Hours after Pope Francis on Easter Sunday morning said the debt burden on the most impoverished countries should be forgiven (aka debt jubilee), the Financial Times is now reporting that the G20 group is nearing a critical “action plan” to freeze debt servicing payments for poor countries to stave off an emerging-market meltdown.
The new relief program could be finalized on April 15 on a videoconference of finance ministers and central bank governors. The plan would “freeze on sovereign debt repayments for six or nine months, or possibly through to 2021,” the official told the Times.
The official said developed countries and multilateral institutions would use this period to write up “very clear criteria, country-by-country of what exactly is going to happen. Is it debt relief totally? Is it just a deferment, a rescheduling?”
“For debt relief to happen, it would take time for it to be co-ordinated,” the official said.
“But what is immediately needed is to give these people space so they don’t need to worry about the cash flow and debt servicing going to other countries, and they can use that money for their immediate needs,” the official said, who did not want to be named due to the sensitivity of the discussions.
Last week, the British-based Jubilee Debt Campaign called for a worldwide debt jubilee to avoid some of the world’s poorest countries from collapsing into chaos amid the COVID-19 crisis.
Sarah-Jayne Clifton, director of the Jubilee Debt Campaign, said: “The suspension on debt payments called for by the IMF and World Bank saves money now, but kicks the can down the road and avoids actually dealing with the problem of spiraling debts.”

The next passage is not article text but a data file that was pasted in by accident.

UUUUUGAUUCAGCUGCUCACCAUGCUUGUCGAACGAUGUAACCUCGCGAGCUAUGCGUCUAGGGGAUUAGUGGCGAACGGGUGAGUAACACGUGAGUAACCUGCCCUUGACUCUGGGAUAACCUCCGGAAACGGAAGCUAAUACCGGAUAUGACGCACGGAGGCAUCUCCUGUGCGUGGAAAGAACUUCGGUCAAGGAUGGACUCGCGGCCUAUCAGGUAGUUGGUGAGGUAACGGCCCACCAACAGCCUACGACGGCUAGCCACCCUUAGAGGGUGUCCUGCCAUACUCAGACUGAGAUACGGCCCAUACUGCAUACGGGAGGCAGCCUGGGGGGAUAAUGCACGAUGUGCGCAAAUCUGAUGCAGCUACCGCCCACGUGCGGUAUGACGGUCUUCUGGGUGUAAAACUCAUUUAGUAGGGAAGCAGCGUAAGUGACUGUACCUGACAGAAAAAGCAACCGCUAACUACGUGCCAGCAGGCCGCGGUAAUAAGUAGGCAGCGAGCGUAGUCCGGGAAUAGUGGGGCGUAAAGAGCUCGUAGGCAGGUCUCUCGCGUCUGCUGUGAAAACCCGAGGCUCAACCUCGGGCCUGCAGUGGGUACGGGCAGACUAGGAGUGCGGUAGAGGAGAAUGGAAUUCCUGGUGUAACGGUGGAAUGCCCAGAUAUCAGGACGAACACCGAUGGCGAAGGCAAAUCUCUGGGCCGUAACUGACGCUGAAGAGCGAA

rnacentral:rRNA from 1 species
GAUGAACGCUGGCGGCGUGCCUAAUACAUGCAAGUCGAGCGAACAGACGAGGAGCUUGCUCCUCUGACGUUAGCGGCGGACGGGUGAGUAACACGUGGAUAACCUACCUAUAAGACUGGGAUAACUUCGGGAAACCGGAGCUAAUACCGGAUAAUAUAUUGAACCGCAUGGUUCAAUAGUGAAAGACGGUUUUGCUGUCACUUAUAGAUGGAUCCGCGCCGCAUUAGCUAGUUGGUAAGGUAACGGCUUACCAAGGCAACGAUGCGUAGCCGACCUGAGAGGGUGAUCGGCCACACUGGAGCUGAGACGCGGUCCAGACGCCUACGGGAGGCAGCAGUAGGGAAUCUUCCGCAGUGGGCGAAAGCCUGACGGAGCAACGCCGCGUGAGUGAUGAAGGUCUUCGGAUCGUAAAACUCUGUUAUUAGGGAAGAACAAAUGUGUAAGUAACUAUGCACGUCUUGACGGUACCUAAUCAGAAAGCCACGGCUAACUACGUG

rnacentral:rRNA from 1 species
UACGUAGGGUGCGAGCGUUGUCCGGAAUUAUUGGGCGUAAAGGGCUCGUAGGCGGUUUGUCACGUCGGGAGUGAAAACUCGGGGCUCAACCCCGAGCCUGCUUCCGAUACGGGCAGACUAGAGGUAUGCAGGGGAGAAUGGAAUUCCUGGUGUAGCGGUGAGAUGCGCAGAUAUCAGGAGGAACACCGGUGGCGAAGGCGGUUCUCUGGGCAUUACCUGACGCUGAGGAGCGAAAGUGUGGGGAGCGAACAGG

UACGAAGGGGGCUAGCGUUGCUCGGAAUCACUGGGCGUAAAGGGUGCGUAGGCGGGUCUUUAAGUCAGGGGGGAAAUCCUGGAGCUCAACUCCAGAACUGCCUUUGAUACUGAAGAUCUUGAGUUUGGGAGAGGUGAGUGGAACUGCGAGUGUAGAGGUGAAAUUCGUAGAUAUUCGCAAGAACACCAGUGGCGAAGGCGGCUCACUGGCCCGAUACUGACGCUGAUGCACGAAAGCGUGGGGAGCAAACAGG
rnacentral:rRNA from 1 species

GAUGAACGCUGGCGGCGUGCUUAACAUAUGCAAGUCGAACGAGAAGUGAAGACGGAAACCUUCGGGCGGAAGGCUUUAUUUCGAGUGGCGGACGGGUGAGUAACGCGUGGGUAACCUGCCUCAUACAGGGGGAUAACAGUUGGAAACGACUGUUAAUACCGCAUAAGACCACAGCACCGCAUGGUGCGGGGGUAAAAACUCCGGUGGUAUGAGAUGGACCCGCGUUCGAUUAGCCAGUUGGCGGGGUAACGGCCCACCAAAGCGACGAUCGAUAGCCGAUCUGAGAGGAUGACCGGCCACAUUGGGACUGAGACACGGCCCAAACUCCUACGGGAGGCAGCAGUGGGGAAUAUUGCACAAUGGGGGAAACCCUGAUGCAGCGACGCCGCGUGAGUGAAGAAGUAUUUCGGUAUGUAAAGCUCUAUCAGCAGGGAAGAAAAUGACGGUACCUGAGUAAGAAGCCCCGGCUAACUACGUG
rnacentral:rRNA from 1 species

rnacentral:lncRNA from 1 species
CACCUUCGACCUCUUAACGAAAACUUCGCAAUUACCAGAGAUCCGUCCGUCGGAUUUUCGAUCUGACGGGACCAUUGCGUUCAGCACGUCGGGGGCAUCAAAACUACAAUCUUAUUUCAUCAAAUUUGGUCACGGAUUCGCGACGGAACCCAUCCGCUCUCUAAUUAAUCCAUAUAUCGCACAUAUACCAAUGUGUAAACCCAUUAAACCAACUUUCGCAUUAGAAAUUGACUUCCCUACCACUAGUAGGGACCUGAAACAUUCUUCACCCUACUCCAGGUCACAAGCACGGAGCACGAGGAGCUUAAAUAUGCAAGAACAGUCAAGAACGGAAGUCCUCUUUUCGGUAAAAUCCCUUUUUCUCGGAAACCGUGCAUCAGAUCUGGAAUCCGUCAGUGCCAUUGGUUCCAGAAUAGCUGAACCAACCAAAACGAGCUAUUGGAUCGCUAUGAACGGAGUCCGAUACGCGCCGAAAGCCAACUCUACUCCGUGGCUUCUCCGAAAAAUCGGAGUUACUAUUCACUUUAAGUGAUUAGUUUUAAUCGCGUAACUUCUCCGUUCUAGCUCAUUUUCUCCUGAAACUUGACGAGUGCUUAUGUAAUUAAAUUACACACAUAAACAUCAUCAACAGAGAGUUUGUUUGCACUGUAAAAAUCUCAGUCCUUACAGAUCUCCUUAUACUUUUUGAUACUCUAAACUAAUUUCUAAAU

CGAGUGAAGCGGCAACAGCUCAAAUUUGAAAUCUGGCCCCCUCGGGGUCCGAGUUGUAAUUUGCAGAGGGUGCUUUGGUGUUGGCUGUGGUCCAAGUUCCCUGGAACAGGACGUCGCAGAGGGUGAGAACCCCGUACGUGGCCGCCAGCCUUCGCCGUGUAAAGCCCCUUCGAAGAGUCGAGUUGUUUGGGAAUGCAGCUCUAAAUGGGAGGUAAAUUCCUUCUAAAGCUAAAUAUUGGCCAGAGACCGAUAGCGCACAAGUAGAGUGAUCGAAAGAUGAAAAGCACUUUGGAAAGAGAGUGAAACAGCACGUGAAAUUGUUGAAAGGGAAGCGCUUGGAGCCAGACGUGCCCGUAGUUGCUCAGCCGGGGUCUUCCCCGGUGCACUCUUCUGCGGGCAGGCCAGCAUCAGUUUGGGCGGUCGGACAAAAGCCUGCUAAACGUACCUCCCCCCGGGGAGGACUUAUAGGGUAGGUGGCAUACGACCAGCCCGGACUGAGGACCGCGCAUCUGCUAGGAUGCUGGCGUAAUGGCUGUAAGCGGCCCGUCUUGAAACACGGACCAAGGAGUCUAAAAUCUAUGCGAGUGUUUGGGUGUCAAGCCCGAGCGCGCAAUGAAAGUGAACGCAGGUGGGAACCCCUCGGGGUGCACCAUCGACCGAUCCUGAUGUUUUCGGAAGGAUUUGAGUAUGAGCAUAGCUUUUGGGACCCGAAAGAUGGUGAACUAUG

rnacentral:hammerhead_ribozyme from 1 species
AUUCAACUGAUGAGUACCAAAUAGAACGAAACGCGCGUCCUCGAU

Clifton is urging for the immediate cancellation of 69 of the world’s poorest countries’ debt payments this year, which would free up at least $25 billion for the countries in 2020, and up to $50 billion if the jubilee was extended to the end of 2021.
“This is the fastest way to keep money in countries to use in responding to Covid-19, and to ensure public money is not wasted bailing out the profits of rich private speculators,” added Clifton.
Much of the debt crisis concern is situated around the poorest countries that line China’s Belt and Road Initiative.
The official said there is “very clear recognition that a global co-ordinated approach is a must” to avoid an emerging market debt crisis.
Odile Renaud Basso, chair of the Paris Club, a group of the 22 largest creditor nations, told the Times that all creditor nations and China should work closely with G20 negotiations to resolve emerging market woes.
“There must be a level playing field so that all creditors agree to the same key parameters,” she said. “But with that in place there is always a need for bilateral discussions between each creditor and debtor nation, and China could work within that framework. They are very much involved and I think they will be part of an agreement.”
The IIF has also been vocal in calls “to forbear payment default for the poorest and most vulnerable countries significantly affected by Covid-19 and related economic turbulence for a specified time period, without waiving the payment obligation”.
The official also said that governments would not make it mandatory for private creditors to offer relief programs for the poorest countries.
“You cannot force individual investors to waive their rights. That could distort the markets, and could have the negative consequences of liquidity problems. They would not lend if they see any sign that they can be forced to let go of their assets.”
And it appears the world is at the end of a decade’s long monetary experiment, where ushering in more quantitative easing to fix below-trend growth or instabilities in the financial casino will not work this time.
Daniel Lacalle, CIO at fund manager Tressis Gestión, recently said: “QE will not fix this. Swap lines will not fix this. A debt jubilee would fix this or multiple trillions of dollars in write-downs and defaults.”
Internet search term for “debt jubilee” has surged to the highest level not seen since late 2012.
Increasing calls for a debt jubilee suggests the 100-year debt-super cycle’s “kick the can down the road” plan may have finally hit a wall.
» Source » By Tyler Durden